Jacob Fruitfield Food Group

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Jacob Fruitfield Food Group
FormerlyW. & R. Jacob Biscuit Company
Founded1851 (1851) in Waterford, Ireland
FounderRobert and William Beale Jacob
Areas served
United Kingdom and the Republic of Ireland
OwnerValeo Foods

The Jacob Fruitfield Food Group is a company that once produced food products in Ireland, but is now mainly a brand for imported foods targeted at the Irish market. It was formed by Fruitfield Foods' acquisition of the Republic of Ireland portion of Jacob's Biscuit Group in 2004 from Groupe Danone. The CEO and part-owner is Michael Carey. Other major shareholders include Lioncourt with a 36% stake.[1][2]

The company is now part of brands owned by Valeo Foods.[3]

It is the owner of many iconic brands that project an Irish identity - despite now being made elsewhere, with the factories in Tallaght and Ringsend all closed. Brands such as Jacob's, Bolands and Chef were all once made in Ireland, but are now imported. Products such as "Old Time Irish" marmalade continue to be sold on the Irish market despite no longer being produced in Ireland.

In 2009, Bolands was re-launched in new packaging with a much broader range as a budget alternative to Jacobs. In 2007, Jacobs took McVities to court for infringement of copyright. McVities launched Cream Crackers and Fig Rolls in the Irish market in similar packaging. It was revealed that McVities were also making the same products under contract for Jacobs and had even designed Jacobs labels for them.[4]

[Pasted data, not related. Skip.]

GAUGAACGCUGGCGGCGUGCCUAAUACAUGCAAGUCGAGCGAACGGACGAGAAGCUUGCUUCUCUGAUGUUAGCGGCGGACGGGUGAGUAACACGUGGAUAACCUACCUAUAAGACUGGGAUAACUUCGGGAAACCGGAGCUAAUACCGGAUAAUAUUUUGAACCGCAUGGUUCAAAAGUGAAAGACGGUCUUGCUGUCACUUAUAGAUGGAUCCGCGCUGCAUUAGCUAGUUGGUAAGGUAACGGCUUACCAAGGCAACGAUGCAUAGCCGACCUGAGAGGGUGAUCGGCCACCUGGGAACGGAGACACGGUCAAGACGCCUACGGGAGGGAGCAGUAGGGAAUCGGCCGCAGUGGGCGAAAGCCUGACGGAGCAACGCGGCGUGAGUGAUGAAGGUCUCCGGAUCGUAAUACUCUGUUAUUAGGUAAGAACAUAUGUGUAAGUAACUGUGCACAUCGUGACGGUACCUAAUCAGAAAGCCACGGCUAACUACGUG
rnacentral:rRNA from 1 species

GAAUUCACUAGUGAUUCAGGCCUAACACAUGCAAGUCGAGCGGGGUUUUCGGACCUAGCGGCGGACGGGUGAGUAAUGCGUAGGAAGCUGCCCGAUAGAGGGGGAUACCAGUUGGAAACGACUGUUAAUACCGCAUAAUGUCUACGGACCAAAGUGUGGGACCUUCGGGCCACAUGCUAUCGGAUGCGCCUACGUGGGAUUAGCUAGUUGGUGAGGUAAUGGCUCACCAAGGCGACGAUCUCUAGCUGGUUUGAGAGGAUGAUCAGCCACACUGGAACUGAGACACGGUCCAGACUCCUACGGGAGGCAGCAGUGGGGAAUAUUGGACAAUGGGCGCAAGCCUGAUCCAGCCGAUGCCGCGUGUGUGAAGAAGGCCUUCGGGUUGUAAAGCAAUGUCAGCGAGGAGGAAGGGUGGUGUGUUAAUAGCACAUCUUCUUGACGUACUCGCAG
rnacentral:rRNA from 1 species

In May 2009, Jacobs ceased production of biscuits at its home in Tallaght, Dublin.[5] Production was moved to Portugal, Poland, the UK, France and Malta for cost reasons.[6] Some minor production remains in Ireland with Wafer biscuits made in County Donegal, Real Irish products in Drogheda and premium oat biscuits in Cork.[7] 220 people lost their jobs as a result of the closure in 2009.[8]

Brands and sub-brands[edit]


Packed biscuits[edit]





Real Irish Food Company

  • Relish
  • Jam

See also[edit]


  1. ^ "To take the biscuit after Faker Baker Ciaran Brennan". Irish Independent. January 7, 2007.
  2. ^ Joe Brennan (November 15, 2007). "Smooth sale in offing for Dairygold Co-op spin-off". Irish Independent.
  3. ^ "Fruitfield". Valeo Foods. Archived from the original on 4 March 2016. Retrieved 20 August 2014.
  4. ^ "Crackers legal row takes the biscuit". Irish Independent. October 2, 2007.
  5. ^ "Jacob's ceases production in Ireland". RTE.ie. 2009-05-22. Retrieved 2018-01-15.
  6. ^ "Workers bid farewell to iconic biscuit factory". Irish Independent. May 23, 2009.
  7. ^ Tom McEnaney (January 26, 2008). "Biscuit bosses realised that looking abroad was only chance of survival". Irish Independent.
  8. ^ "Biscuit jobs can cease as well as be created". The Irish Times. Retrieved 2018-01-15.

External links[edit]